Sec. 199 generally provides a deduction for qualifying domestic production activities equal to 9% (3% for tax years beginning in 2005 or 2006 and 6% for tax years beginning 2007–2009) of the lesser of the taxpayer’s (1) qualified production activities income for the tax year or (2) taxable income, determined without regard to Sec. 199.
On March 19, 2007, Treasury issued final regulations under Sec. 199 (TD 9317) regarding online software and the treatment of advertising income. The final regulations, which differ slightly from the temporary and proposed regulations under Sec. 199 issued 10 months earlier, generally are effective for tax years beginning after March 19, 2007, but taxpayers may elect to apply them retroactively to tax years beginning after 2004 (Sec. 199’s effective date) and before March 20, 2007.
The final regulations affect taxpayers that produce computer software and provide access to it for a customer’s direct use while connected to the Internet or any other public or private communications network.
Online Software Safe-Harbor Exceptions
Shortly after Sec. 199’s enactment, the IRS and Treasury issued Notice 2005-14 to provide taxpayers with interim guidance in computing the new deduction. (For a discussion, see Gibbs and Rathnau, Tax Clinic, “Notice 2005-14 Offers Sec. 199 Guidance,” TTA, June 2005, p. 339.) That guidance set forth the general position that the use of computer software online by customers is a service, and not a lease, rental, license, sale, exchange or other disposition of the software. Accordingly, gross receipts derived from such customers do not constitute domestic production gross receipts (DPGR), because they are not attributable to a qualifying disposition of the software.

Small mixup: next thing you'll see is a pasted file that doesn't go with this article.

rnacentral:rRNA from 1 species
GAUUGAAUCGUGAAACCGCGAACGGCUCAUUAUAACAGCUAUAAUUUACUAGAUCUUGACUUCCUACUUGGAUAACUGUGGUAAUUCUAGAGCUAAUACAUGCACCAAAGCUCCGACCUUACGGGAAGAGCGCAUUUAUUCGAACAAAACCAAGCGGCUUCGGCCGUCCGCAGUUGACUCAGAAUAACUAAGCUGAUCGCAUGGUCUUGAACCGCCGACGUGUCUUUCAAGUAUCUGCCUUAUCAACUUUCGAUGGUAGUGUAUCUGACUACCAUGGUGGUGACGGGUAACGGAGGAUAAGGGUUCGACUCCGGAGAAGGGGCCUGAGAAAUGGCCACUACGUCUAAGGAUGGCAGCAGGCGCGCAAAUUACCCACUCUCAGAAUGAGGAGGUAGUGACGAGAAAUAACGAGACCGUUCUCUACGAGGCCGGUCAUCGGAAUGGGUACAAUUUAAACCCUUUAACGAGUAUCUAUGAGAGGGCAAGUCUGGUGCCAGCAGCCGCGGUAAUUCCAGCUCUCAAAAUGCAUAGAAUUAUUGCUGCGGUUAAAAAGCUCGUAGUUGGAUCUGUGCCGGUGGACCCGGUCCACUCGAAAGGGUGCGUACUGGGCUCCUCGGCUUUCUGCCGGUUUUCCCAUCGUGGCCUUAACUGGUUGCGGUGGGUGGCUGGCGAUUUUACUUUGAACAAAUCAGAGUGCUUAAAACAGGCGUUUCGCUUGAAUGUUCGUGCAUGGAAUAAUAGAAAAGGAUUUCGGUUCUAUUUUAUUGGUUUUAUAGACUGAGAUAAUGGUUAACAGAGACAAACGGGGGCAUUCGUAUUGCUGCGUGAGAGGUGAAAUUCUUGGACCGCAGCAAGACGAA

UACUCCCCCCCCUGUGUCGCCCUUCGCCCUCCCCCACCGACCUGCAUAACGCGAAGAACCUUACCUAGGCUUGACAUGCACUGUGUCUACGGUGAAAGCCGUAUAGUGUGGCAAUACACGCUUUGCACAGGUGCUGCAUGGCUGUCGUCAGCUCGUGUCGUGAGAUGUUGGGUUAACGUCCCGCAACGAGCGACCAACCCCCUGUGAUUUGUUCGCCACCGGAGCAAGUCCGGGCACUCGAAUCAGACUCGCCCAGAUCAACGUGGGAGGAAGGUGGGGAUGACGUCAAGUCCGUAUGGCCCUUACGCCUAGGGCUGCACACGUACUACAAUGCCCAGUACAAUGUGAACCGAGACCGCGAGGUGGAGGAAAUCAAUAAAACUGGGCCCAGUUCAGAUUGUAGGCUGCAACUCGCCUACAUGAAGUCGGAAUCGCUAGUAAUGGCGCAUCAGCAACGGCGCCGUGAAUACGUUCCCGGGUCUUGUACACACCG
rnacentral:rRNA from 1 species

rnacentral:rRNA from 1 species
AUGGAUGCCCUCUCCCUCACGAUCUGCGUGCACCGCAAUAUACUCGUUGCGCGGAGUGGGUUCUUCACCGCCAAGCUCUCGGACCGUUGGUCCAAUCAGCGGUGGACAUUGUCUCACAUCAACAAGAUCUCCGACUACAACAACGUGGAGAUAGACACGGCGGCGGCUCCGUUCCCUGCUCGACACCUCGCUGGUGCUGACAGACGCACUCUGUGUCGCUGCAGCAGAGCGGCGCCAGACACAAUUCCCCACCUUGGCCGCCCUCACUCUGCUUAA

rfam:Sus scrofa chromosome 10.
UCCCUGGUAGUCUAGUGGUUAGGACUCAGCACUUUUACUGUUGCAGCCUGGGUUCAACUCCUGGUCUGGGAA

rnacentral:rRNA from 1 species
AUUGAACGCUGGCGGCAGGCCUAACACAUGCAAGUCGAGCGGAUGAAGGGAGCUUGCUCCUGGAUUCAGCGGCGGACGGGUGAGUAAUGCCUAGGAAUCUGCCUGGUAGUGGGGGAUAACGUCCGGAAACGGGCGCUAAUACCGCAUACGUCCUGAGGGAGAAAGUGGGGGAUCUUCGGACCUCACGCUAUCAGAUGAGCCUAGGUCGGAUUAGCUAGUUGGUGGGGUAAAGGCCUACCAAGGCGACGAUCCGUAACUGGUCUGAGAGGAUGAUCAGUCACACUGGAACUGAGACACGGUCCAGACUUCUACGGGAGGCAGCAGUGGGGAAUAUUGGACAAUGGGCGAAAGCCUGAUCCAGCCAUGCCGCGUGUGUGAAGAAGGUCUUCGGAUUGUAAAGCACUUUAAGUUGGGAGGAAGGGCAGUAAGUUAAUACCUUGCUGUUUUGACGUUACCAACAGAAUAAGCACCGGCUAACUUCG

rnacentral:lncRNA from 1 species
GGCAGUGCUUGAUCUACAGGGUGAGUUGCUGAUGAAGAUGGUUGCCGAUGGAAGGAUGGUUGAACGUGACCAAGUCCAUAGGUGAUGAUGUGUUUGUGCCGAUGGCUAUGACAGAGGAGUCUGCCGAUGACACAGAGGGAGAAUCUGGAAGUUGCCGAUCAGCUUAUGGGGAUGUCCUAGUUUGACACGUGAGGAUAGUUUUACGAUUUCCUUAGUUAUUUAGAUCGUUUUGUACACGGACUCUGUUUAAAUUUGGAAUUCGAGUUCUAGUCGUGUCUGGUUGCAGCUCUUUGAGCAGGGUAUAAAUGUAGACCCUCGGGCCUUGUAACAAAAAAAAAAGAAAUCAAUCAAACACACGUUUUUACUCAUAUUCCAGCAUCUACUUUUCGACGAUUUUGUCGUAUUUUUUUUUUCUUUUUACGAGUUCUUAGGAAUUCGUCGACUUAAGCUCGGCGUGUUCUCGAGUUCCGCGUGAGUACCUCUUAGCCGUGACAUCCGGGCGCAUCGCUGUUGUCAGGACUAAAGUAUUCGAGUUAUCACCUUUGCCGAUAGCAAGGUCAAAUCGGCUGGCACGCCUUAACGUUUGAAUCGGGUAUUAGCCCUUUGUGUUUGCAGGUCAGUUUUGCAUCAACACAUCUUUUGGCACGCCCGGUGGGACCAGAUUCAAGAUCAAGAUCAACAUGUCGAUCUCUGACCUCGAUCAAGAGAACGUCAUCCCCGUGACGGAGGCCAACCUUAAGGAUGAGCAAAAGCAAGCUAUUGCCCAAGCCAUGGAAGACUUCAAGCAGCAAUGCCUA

In subsequent guidance (i.e., the temporary regulations and, most recently, the final regulations) regarding the treatment of computer software under Sec. 199, Treasury and the IRS have continued to maintain the position that the use of computer software online by customers is a service. However, such guidance also has included two safe-harbor exceptions that, if met, treat gross receipts derived from the use of computer software online by customers as being derived from a qualifying disposition of the software (and, thus, treat such receipts as DPGR).
Safe harbor #1: Under the first safe-harbor exception, Regs. Sec. 1.199-3(i)(6)(iii)(A), gross receipts derived from providing computer software for customer use online will be treated as DPGR if (1) the taxpayer sells the software both online and affixed to a tangible medium (e.g., a CD) or via an Internet download, (2) the software has only minor or immaterial differences from the online software and (3) the software has been manufactured, produced, grown or extracted by the taxpayer in whole or in significant part in the U.S.
Safe harbor #2: Under the second safe-harbor exception, Regs. Sec. 1.199-3(i)(6)(iii)(B), gross receipts derived from providing computer software that has been manufactured, produced, grown or extracted by the taxpayer in whole or in significant part in the U.S. for customer use online will be treated as DPGR if “another person” sells “substantially identical” software to its customers affixed to a tangible medium or via an Internet download. Regs. Sec. 1.199-3(i)(6)(iv)(A) defines substantially identical software as software that (1) from a customer’s perspective, has the same functional result as the online software and (2) has a significant overlap of features or purposes with the online software.
The final regulations do not define “significant” overlap of features; unfortunately, the two examples in the final regulations do not offer substantive guidance.